It was an average day at SLA, or so I thought…
“Why do you look so suspicious? Do you have anything on you?”
I had been standing by the pool, minding my own business, when suddenly I was being grilled by a police officer.
“I don’t have anything.”
“You look very suspicious though. What’s your name?’
“Where did you get that book bag from, Saamir?” He pointed to my military-style backpack.
“My brother is in the Army.”
“I forget, but he’s stationed in California.”
“He’s lucky. I got stationed in Arizona.”
“That sounds like it sucks…”
“Back to you, it looks like you’re hiding something.”
“I swear, I’m not hiding anything “ I laughed nervously. What was he trying to do, anyway?
“Well, then why were you so afraid of me?”
His question hit me like a truck. Why was I so afraid of this police officer?
I cursed why Officer Byrd let this random man through the front door, police officer or not. I couldn’t lie and say because he was a stranger, regular strangers didn’t make me become fear-stricken. It was because the recent police brutality in the news, the heat of the discussion, and the “Black Lives Matter” movement that made me become so fearful.
Something about the uniform, his badge, and just how successful he was about his questioning was scared me. Even though this police officer was a black man as well, I became afraid regardless of the understanding we could have for each other. His color faded to me because of the uniform.
Little did I know, I would see this police officer again. That Thursday, we were called in for a junior grade group meeting. We all crowded into the drama studio for an SLA alumni career fair. I couldn’t believe the Officer who harassed me was an SLA alum this entire time! Officer Wallace, AKA Doug Wallace, graduated from SLA in 2012.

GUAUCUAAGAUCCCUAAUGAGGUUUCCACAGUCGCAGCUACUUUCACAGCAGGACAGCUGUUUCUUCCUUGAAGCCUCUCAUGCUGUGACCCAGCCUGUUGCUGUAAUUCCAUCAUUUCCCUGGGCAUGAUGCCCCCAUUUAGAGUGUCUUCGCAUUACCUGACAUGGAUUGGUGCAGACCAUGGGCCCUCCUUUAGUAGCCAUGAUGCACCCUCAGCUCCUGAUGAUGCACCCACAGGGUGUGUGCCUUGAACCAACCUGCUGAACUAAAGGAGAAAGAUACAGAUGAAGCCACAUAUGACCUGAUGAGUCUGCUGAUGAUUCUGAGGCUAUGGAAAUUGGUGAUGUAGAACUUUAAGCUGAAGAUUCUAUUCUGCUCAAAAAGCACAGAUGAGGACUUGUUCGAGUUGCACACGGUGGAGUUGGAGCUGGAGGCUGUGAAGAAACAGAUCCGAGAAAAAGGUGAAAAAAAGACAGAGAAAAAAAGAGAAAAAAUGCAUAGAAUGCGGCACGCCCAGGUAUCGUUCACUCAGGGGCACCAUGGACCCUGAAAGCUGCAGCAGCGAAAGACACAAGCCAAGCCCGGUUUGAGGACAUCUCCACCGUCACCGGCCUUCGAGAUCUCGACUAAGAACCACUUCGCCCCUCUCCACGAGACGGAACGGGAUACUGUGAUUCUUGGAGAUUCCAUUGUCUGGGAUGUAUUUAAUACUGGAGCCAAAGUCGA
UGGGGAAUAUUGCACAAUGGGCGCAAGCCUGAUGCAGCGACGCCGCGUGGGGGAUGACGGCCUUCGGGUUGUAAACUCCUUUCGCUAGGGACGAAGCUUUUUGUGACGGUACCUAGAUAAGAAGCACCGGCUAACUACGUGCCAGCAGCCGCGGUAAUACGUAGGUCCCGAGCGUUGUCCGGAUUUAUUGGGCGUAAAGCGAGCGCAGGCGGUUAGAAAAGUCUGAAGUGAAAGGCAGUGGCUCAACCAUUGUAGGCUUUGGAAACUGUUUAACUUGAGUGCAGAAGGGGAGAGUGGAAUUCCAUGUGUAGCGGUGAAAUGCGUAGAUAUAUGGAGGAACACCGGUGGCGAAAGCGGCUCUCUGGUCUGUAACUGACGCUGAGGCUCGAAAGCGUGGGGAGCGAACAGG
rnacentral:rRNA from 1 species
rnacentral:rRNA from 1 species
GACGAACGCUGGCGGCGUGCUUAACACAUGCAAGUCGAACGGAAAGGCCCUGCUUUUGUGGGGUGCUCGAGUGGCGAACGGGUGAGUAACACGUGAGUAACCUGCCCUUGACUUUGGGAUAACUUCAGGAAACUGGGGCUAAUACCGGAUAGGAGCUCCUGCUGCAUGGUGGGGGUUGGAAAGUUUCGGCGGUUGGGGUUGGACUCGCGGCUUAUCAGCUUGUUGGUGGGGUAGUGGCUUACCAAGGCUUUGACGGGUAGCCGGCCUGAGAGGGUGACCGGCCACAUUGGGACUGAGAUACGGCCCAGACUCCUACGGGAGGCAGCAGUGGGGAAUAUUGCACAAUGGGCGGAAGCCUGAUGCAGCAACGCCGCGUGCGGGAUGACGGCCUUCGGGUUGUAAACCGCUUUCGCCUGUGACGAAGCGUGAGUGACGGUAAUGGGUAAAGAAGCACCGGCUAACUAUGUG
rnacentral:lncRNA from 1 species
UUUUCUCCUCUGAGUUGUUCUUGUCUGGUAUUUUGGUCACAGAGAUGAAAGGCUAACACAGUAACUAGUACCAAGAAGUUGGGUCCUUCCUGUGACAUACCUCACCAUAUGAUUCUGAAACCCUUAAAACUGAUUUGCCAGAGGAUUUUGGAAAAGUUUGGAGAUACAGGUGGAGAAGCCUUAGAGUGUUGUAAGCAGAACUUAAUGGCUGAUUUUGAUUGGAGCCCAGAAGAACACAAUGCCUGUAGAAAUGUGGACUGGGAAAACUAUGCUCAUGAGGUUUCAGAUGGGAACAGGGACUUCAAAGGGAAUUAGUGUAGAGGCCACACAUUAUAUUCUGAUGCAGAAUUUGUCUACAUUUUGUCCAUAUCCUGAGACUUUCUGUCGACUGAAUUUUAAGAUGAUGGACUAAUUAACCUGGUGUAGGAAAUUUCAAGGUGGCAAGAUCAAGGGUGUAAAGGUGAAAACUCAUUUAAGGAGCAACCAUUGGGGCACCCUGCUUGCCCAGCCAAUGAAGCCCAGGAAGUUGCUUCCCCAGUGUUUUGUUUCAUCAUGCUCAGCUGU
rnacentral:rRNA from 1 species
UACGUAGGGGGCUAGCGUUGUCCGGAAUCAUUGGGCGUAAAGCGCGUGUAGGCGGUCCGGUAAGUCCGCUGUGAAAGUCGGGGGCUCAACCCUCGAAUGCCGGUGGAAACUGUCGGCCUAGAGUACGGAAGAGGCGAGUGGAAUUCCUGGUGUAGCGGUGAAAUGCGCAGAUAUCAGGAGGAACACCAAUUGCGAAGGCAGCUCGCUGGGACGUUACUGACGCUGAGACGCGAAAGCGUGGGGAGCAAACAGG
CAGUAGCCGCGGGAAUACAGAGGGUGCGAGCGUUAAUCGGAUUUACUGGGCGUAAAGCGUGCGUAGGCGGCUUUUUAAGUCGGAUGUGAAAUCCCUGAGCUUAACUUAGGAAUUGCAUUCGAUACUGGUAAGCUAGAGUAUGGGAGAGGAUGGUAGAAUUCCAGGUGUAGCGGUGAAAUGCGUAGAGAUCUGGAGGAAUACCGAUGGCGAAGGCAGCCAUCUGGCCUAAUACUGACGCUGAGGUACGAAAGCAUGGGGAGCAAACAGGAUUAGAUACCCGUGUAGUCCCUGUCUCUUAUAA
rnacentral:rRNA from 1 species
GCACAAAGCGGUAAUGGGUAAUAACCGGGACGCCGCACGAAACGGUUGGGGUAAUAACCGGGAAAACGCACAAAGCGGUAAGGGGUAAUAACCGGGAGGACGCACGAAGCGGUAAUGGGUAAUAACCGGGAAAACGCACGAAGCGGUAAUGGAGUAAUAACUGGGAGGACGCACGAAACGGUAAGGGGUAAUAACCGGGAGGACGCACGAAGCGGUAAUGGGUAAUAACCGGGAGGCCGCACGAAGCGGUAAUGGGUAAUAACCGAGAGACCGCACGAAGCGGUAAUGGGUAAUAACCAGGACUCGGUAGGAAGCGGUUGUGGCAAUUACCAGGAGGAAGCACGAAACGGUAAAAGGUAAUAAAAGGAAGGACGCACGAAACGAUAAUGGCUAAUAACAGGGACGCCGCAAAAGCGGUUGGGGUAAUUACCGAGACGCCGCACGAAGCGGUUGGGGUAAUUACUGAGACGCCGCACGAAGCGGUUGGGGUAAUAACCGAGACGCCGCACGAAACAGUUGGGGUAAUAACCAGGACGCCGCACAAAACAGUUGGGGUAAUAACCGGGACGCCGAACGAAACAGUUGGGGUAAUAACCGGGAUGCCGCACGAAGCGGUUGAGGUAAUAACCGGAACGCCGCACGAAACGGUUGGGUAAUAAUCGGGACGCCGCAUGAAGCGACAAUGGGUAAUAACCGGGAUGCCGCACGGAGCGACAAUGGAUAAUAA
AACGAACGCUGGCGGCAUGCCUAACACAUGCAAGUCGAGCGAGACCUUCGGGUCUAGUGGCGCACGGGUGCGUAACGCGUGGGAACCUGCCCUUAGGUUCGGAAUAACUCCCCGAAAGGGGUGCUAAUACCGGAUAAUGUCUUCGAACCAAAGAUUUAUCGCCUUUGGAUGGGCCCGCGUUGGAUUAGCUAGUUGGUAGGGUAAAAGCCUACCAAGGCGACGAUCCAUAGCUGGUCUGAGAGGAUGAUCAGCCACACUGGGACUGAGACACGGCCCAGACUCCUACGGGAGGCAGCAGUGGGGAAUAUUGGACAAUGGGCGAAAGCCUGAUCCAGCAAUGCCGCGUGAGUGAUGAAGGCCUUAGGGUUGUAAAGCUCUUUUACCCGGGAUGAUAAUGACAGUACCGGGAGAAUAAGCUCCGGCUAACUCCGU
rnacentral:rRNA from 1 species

Though his career choice isn’t one that interests me personally, I took something valuable from that grade group meeting. Wallace talked about his experiences on the force and in the army before that. He explained the hardest part of his job, about being able to relate to the community and having tension be risen from all of the events happening between minorities and police. He talked about wanting to make a difference in the community and in general.
I saw that there is still a person behind the badge, and I realized that seeing that person is something I should do more. Though I still wish people realized I was a person beyond my own skin tone, I was no better than them by automatically being afraid of a police officer. It’s amazing to see just how small events can be patched together to teach a wider lesson.